Oct. 25 (UPI) -- Congressional Democrats on Wednesday introduced two new healthcare bills -- one to negotiate drug prices and the other to allow individual states options to expand Medicaid.
The moves come after Democratic lawmakers have repeatedly blocked Republican efforts this year to repeal and replace the Affordable Care Act.
"Our Republican colleagues seem fixated on tearing down the healthcare system rather than building a system that actually works," said Rep. Ben Ray Lujan of New Mexico in in a statement.
Lujuan introduced the State Public Option Act, which would allow states create a public option by expanding Medicaid eligibility to any individual who wants to buy into the program.
"Our objective should be to have a competition of ideas. ... I think it's a golden age in terms of policy ideas when it comes to Democrats and health care," Sen. Brian Schatz, D-Hawaii, the bill's co-sponsor, told reporters Wednesday. "We want to make sure that people understand that we have a vision for the future."
The bill has 17 cosponsors in the Senate. Debbie Stabenow of Michigan introduced a bill earlier this year that would allow individuals to buy into Medicaid at 55.
"Our goal with this bill is simple -- to expand the availability of low-cost, high-quality health plans to all Americans by establishing a state public option through Medicaid," Lujan said. "We think our approach will positively impact Americans at all income levels in all parts of the country."
Sen. Bernie Sanders, I-Vt., who supports the legislation, has proposed single-payer government healthcare plan.
Sanders also supports new legislation introduced in the House and the Senate that would allow the Department of Health and Human Services to negotiate directly with drug companies for those in Medicare's prescription drug program.
Sanders said he hopes President Donald Trump backs the plan.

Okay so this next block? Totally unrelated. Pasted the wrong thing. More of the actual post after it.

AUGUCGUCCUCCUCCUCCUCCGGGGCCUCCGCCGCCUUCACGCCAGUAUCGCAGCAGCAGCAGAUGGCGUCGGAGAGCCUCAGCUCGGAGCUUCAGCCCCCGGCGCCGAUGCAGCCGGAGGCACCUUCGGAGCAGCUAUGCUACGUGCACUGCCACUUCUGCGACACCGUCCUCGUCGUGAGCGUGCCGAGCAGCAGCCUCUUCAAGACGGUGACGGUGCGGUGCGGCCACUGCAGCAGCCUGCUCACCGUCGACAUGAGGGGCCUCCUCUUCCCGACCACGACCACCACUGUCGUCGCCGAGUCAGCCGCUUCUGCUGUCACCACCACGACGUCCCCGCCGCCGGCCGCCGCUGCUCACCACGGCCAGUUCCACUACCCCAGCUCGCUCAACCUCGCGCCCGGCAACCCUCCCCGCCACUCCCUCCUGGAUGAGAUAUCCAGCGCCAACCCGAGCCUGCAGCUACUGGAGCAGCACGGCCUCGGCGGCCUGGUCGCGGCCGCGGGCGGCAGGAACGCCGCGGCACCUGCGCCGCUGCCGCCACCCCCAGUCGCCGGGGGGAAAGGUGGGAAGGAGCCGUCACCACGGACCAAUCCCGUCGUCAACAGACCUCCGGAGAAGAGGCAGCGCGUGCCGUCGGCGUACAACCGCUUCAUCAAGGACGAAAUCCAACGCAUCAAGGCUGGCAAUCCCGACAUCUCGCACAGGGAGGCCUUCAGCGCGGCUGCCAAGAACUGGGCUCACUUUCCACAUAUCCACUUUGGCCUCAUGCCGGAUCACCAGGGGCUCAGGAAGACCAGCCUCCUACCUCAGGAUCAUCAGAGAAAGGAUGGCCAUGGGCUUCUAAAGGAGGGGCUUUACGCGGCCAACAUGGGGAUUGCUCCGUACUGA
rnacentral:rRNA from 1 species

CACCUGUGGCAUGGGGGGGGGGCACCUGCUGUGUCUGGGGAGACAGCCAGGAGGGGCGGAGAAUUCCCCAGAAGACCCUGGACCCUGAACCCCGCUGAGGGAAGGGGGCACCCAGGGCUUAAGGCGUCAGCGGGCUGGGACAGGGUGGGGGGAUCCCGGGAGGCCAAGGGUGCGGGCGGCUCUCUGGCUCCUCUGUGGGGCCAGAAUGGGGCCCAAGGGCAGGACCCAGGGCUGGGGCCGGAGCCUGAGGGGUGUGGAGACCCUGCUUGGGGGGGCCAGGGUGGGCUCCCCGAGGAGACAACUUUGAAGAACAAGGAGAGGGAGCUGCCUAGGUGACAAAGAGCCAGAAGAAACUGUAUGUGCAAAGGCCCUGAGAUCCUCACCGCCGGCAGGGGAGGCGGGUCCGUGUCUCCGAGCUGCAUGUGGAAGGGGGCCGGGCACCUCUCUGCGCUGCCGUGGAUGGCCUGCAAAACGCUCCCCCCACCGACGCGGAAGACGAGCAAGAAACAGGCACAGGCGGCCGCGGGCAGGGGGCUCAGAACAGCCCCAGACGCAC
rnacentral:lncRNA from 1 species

"Well the campaign is over," Sanders said at news conference. "He's president now. We need him to join us in taking on the pharmaceutical industry."
While campaigning for president in January 2016, Trump told a crowd in Farmington, N.H., that the policy on Medicare would save billions. In March, Democrat Reps. Elijah Cummings of Maryland and Peter Welch of Vermont showed Trump a draft of the bill.
In a White House readout of the meeting, Trump "expressed his desire to work" with Cummings to make drug prices more affordable but didn't mention having Medicare officials negotiate with the drug companies.
Cummings said he has written three letters without a response from the president.
"The truth is that we have made every possible effort to collaborate with you in good faith for the better part of this year," said Cummings, reading from the third letter at the news conference. "Unfortunately, our efforts were met with radio silence."
Cummings said "it has to have Trump's support, no doubt about it."
The Pharmaceutical Research and Manufacturers of America, a powerful drug industry trade group, is opposed to the legislation.
"Price controls handicap U.S. companies, threaten 4.5 million jobs and, as studies have proven, fail to legitimately improve access to medicines," Jay Taylor, PEMA's vice president of international advocacy wrote in May.